Matthew Connell: Employers have access to tools that support employee financial wellbeing

An employer’s relationship with its employee is an important one and goes beyond a focus on day-to-day work priorities. With the increased focus on health and wellbeing over recent years, it has meant this relationship is more important than ever.

Building an open and trusting relationship where employees can feel comfortable sharing details of their personal life and how they are feeling is, therefore, a vital part of ensuring employers can support them when they need it the most. For example, employee assistance programmes (EAPs) can provide confidential counselling services to help employees to discuss issues that may be affecting their lives.

This also applies to their financial wellbeing and an employer’s ability to understand what interventions and levels of support it can offer staff at times of need. In normal circumstances,  one of the most common interventions employers have a duty to make is around pension provision. Beyond setting up appropriate pension provision, access to financial advice through a financial adviser, a mortgage broker, or a banking representative could be provided to employees who need added advice, particularly in times of financial difficulty. For instance, employers can offer up to £500 pension advice a year and receive tax and national insurance contribution relief in exchange.

Other possibilities include: partnering up with third-party organisations such as a credit union or other suitable firms that can offer loans to employees with payments taken directly from payroll; creating a corporate individual savings account (Isa) to assist with employee savings; managing work-related costs such as season ticket loans for travel during times of normality, and providing home work costs such as expenses for desks and other office equipment.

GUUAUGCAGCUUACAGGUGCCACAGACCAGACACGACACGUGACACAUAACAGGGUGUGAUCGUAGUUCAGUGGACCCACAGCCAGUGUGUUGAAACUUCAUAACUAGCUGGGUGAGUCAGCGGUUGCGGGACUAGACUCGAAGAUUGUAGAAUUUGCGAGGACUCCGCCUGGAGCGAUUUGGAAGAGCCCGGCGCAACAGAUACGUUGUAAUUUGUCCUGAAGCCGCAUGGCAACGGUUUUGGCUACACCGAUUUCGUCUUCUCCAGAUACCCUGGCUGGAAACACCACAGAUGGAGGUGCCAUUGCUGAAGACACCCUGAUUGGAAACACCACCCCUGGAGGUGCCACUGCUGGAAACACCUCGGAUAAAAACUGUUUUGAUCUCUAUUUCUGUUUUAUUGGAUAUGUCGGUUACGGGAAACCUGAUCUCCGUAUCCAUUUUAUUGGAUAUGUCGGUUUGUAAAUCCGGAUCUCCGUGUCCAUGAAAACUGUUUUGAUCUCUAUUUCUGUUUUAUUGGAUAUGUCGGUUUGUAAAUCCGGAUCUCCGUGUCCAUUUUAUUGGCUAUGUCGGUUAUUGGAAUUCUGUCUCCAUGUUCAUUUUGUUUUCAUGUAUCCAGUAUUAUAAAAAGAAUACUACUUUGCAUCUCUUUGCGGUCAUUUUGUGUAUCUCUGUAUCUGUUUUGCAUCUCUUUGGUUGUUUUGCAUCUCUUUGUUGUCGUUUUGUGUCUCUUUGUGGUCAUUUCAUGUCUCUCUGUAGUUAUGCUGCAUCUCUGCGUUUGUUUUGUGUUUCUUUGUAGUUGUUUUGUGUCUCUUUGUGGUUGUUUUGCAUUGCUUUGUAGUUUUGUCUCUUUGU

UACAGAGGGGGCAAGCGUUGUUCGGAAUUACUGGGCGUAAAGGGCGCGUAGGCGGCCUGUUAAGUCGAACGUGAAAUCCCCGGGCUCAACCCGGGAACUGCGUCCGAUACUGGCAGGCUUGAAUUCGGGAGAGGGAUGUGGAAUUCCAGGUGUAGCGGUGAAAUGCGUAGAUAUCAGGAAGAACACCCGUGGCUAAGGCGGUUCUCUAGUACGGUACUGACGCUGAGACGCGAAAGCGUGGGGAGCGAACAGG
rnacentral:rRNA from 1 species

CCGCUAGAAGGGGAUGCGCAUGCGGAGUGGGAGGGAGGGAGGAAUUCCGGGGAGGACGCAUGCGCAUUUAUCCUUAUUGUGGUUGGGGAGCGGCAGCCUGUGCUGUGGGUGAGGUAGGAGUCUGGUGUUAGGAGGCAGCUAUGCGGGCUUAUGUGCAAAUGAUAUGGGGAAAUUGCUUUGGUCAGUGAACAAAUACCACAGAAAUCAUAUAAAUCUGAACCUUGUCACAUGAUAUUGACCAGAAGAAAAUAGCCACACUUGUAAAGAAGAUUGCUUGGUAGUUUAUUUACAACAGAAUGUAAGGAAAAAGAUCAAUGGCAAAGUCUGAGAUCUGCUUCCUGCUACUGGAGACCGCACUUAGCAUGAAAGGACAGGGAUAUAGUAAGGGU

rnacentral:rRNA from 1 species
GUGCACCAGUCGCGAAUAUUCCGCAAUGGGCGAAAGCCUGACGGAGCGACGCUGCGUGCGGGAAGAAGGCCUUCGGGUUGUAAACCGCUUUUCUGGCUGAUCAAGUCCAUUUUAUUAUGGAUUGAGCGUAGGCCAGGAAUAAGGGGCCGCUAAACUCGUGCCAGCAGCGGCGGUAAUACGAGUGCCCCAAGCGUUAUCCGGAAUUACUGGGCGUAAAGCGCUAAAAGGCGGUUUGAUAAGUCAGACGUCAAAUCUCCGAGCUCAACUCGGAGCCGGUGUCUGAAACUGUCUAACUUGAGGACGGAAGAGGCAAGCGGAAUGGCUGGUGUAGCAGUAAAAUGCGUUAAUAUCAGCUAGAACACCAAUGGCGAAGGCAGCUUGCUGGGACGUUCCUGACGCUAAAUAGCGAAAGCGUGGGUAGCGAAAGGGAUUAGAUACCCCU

From an insurance perspective, there are also some incredibly important products that employers can take out which can provide important protections and interventions in their staff’s lives. Group risk benefits, such as employer-sponsored life assurance, income protection and critical illness, are particularly beneficial as they can help employees if they are unable to work due to injury or long-term illness. Health insurance through the workplace can also give employees additional medical benefits for them and their loved ones.

Even with all the above in place, employees may need even further support, so employers could consider signposting to charities, consumer bodies and government support to ensure they get the help they need.

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Ultimately, the most crucial action for employers is building the right working environment so they can find out the financial situation of their employees, making sure staff are aware of existing support systems, and taking the steps to understand what more they can do to help.

Matthew Connell is a policy and public affairs director at the Chartered Insurance Institute.